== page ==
Although I designed the particulars of the construction of this model, the idea of a Sierpinski Tetrahedron is not original. It comes from one of the best-known fractals, the Sierpinski triangle.
Image borrowed from David Darling.
The Sierpinski triangle is constructed by taking three congruent triangles, and using them to form a larger triangle. Then we take two more copies of the larger triangle, and use them to form an even larger triangle. And repeat ad infinitum.
The sierpinski tetrahedron is a natural generalization, where you take four congruent tetrahedrons, and use them to form an even larger tetrahedron. And then with four copies of the larger tetrahedron, we make an even larger one. We stop there though, because 16 tetrahedra is enough to get the picture.
I'm also inspired by Tomoko Fuse's Unit Origami, where she shows ways to connect simple polyhedra together. But what larger whole can I construct with lots of little polyhedra? And so came the idea of the Sierpinski Tetrahedron. All that remained was to design a connector so that the tetrahedra would stick together. I'm not entirely satisfied with the connector design though, since it could stand to be more stable.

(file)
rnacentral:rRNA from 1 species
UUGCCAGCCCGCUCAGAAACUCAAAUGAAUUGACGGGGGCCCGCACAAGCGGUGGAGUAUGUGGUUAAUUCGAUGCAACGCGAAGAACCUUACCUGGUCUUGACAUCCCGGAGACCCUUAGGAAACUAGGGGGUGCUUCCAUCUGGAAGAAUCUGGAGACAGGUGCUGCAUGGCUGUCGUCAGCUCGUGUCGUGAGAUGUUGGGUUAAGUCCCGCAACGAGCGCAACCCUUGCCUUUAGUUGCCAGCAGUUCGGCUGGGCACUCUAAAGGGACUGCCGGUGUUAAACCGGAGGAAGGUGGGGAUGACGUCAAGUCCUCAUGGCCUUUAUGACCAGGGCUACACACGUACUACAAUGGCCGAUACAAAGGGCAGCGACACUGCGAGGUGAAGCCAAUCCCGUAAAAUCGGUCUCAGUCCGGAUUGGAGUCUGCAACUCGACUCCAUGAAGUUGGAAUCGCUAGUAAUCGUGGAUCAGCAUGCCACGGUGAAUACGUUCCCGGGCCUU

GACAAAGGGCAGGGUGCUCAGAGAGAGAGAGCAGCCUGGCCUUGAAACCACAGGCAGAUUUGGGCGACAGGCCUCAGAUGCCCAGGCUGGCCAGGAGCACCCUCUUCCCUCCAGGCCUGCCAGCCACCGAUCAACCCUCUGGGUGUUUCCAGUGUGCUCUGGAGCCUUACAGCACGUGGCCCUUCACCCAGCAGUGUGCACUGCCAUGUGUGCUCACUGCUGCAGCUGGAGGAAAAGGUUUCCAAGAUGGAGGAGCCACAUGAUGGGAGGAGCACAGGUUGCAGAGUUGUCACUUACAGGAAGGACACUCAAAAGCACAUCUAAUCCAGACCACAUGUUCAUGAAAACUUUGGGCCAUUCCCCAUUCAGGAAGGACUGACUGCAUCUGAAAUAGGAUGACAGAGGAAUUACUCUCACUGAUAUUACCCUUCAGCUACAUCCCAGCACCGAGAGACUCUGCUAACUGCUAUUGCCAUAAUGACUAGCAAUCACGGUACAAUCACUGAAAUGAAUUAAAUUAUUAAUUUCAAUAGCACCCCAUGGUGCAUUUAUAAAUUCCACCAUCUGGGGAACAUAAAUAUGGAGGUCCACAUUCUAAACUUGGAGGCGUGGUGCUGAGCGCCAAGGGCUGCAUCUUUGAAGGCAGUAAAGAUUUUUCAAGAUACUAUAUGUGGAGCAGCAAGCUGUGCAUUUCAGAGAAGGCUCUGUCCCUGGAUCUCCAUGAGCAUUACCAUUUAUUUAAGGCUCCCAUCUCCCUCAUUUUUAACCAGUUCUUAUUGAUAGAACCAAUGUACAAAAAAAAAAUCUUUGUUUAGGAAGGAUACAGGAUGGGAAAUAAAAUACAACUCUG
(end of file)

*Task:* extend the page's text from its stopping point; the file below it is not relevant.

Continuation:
I tried searching for other connector solutions on the internet, and I found that most people just use tape. Except for this one, which claims to use paper links.
From Michal Kosmulski
But as I can plainly see, there are no connectors. I think the website is lying to me. You can't fool an origamist!